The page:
Silicon Valley of the 14th Century: What the U.S. Can Learn From 1386 Germany

This is a story about how innovation happens. It begins in 1386 after the great Papal Schism (seriously), demonstrates the ability of universities to foster capitalism, and concludes with a surprising hero of the modern world: lawyers.

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If you want an illustration of just how crucial a role education plays in economic development, there are any number of modern case studies to choose from. You can look at India's flourishing IT industry, or China's inexhaustible supply of manufacturing engineers. You can look at the U.S. after World War II, where the G.I. bill brought college, and middle-class prosperity, to the masses.

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But why stop with this century, or the last? For a dose of seriously retro economics, you can look back to the dawn of the Renaissance, where the introduction of higher education helped make possible the efflorescence of trade that built Europe's early modern economy, according to a new working paper from researchers at the University of California, Berkeley, and the University of Munich.

INNOVATION IN THE 14th CENTURY

Let's step back in time for a moment to the late Middle Ages and early Renaissance, a period from about 900 to 1500 AD when plate armor was in vogue, and Europe was transforming itself from an illiterate backwater into the world's dominant economic and military power. As authors David Cantoni and Noam Yuchtman write, the time was defined by an economic revolution, as trade expanded, local markets flourished, and workers moved from farms into small cities, where they could specialize in new occupations.

This was also the era when the continent's first institutions of higher learning were founded, starting with the University of Bologna in 1088. But did schools create thriving economies, or did thriving economies create schools? To find an answer, Cantoni and Yuchtman looked at modern-day Germany.

14th CENTURY RHINE VALLEY VS. 21st CENTURY SILICON VALLEY

Though it would one day become the mecca of dour philosophers and the Ph.D. students who love them, Germany was actually a bit late to the game when it came to establishing universities. Before the 14th century, Germany youths had to travel abroad for an education, often to modern-day France. That changed in 1386 after an event known as the Papal Schism when rival popes from Rome and France both lay claim to the leadership of the Catholic Church. German students loyal to the Roman faction were expelled from their French universities.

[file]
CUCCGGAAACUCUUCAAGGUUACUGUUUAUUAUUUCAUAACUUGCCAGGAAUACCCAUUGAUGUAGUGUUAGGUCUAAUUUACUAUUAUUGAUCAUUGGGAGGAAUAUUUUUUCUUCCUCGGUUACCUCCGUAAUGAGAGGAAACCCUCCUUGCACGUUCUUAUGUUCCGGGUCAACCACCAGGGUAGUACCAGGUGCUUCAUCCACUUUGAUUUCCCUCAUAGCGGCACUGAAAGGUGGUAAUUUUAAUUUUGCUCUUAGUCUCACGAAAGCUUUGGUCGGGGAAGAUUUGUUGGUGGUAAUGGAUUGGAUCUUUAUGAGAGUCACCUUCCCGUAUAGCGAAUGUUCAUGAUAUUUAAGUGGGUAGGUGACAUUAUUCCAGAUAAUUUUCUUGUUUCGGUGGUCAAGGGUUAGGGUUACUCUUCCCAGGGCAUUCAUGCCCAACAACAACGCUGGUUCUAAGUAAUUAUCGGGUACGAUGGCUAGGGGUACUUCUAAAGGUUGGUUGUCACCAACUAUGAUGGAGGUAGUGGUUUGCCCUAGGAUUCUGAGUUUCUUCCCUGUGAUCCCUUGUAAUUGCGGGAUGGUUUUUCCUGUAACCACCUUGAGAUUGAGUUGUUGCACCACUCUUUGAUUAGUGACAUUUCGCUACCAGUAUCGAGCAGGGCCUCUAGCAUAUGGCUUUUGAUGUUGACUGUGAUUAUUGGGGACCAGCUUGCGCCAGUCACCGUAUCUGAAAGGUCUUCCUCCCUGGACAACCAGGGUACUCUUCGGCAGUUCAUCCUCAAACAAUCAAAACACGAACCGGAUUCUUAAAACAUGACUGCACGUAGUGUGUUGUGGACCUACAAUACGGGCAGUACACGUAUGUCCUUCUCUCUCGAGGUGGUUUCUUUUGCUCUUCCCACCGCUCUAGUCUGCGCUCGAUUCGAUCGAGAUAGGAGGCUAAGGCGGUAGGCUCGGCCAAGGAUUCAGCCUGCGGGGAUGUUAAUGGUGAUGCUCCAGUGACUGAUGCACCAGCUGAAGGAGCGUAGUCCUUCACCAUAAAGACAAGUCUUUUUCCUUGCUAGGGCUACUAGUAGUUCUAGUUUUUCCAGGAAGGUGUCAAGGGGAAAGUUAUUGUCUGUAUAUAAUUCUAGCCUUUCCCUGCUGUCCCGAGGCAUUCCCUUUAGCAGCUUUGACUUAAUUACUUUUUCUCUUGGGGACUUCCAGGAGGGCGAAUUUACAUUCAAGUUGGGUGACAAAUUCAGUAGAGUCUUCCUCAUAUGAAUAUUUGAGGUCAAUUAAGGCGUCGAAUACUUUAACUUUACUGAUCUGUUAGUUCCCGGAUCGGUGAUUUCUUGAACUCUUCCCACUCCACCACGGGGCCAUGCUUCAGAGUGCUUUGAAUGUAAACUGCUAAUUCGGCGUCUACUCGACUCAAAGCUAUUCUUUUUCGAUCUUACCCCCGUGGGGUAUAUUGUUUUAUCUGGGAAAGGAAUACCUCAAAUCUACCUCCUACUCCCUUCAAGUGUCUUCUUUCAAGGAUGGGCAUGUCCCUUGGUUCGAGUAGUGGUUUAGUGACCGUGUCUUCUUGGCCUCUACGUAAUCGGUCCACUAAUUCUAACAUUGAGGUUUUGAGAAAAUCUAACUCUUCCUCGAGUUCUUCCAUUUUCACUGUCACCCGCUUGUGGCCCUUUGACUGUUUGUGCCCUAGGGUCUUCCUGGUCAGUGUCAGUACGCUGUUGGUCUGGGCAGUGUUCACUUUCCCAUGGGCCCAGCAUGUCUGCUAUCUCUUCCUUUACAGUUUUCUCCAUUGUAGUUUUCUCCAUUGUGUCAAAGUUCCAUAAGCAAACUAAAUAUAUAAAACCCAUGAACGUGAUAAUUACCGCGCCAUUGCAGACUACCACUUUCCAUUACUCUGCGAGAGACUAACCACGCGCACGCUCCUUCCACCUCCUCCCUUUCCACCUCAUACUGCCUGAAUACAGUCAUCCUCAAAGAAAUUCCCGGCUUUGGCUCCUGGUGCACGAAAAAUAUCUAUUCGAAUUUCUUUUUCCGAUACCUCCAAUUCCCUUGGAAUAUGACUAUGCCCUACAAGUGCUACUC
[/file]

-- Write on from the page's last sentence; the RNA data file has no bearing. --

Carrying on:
Suddenly, Germany had to build itself some colleges.

This bright line between Germany's pre- and post-college eras makes it an ideal test case. These schools weren't founded as the result of a hot economy. They were founded to educate students kicked out of their study abroad programs.

The authors measure Germany's economic growth before and after 1386, using how often cities were granted the official right to establish markets by either the emperor or a local lord. The red line below represents the introduction of German colleges after the Schism. Before Germany started building colleges, the expansion of "market privileges" was in decline. After colleges, they grew.

German_Market_Grants_Empire.PNGIt's the same story when you look at cities that suddenly found themselves closer to a university. Before the Schism, "market privileges" were in decline. After the Schism, they grew.

German_Market_Establishments.PNG

Even distant cities still seemed to see an uptick in new markets after universities were founded. Meanwhile, in countries where the education systems weren't impacted by the papal schism, such as Britain and France, nothing changed after 1386.

THANK YOU, LAWYERS

Just like today's Silicon Valley, yesterday's Rhine Valley built an economic engine on academic excellence. How? Cantoni and Yuchtman have a theory: Lawyers.

Yes, lawyers. The universities trained law students, the business innovators of the time (how things change). Legal scholars learned Roman law, which, with its emphasis on contracts and property, offered the building blocks of commerce:

Whereas customary law was very local, Roman law was universally known across Europe; whereas customary law was highly traditional, based on kinship and superstition, Roman law was an authoritative yet flexible system, that had been enriched by centuries of scholarship; whereas traditional law was informal and feuds were often preferred to trial, Roman law was written...and based on a process of rational pursuit of truth. In the particular context of Germany, with its highly fractionalized territories, these advantages of Roman law were particularly salient.

In the 14th century, law was a sort of technology. It provided massive efficiency gains in a fractious, clannish region like Germany. Lawyers were able to reprogram the economy, and help set in motion the true beginnings of capitalism. And while Cantoni and Yuchtman's data analysis is contained to Germany, they argue that a similar process may have unfolded across Europe. 

And it had universities to thank.

Presented by

Jordan Weissmann is a senior associate editor at The Atlantic.

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